Published: January 8, 2013 8:27 AM
By Franck Mée
Translated by: Catherine Barraclough
Although Fujifilm is usually only too keen to out a whole series of very similar cameras, the firm has only presented one advanced bridge for CES 2013. The FinePix HS50 EXR is therefore due to take over from the HS25 and HS30. And this year’s model looks like a very nice update, with a new lens, a redesigned body and a better screen.

Fujifilm FinePix HS50 EXR
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In the current bridge camera market, the lens used in the Fujifilm HS30 EXR (as already seen in the HS10) looks like something of a weakling with its 30x zoom. Fuji has therefore updated its bridge with the FinePix HS50 EXR, which gets a 42x zoom lens with an equivalent focal range of 24-1000 mm.

There are two key things to note here. First of all, the HS50 still uses a 16-Megapixel 1/2" sensor, which makes it hard to boost the zoom power without making the camera body bulkier and heavier. In fact, the lens will need to be around 15% bigger and heavier than in an equivalent camera with a 1/2.3" sensor. Next, the HS50 EXR will actually see its wide-angle trimmed, as the new lens starts at an actual focal length of 4.4 mm rather than 4.2 mm for the former model. The 24 mm equivalent focal length setting will therefore actually be 24 mm, rather than the 22 mm seen in the HS30.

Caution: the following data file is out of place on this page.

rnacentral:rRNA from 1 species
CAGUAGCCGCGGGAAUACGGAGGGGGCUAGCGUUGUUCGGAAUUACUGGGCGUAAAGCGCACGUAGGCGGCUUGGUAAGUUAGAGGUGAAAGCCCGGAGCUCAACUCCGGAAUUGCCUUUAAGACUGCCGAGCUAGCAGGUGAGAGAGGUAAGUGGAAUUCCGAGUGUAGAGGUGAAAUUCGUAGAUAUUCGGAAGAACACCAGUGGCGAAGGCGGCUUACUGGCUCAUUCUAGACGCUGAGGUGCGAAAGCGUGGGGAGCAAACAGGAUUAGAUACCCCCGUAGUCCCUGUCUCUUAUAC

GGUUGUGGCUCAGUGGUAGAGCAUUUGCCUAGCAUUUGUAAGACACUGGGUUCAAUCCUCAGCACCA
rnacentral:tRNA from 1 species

Fuji has reworked the camera body too, keeping the 920,000-dot viewfinder and upping the screen to the same definition. Plus, the screen now has full swivel functionality rather than a basic tilt function. The control layout has changed a bit, with the focus selection controls moving over to the left-hand side of the screen (like in the X-S1) while other buttons have been rehoused in the Q menu.

The HS50 does, thankfully, maintain the most original features of this bridge series—a mechanical zoom control ring around the lens, as seen in SLRs, and an electronic focus control ring. The RAW mode is still there too.

Fujifilm is promising improved responsiveness with the HS50 EXR, and video has been upped to 1080p HD at 60 frames per second. You can also hook up an external mic for improved-quality audio in videos. All in all, the HS50 looks like it should be something of a reference among high-end bridges (on paper, at least). We just hope that Fuji's monster zoom lens will prove as effective as those seen in many competitor models.

> Reviews: Bridge and Compact Cameras
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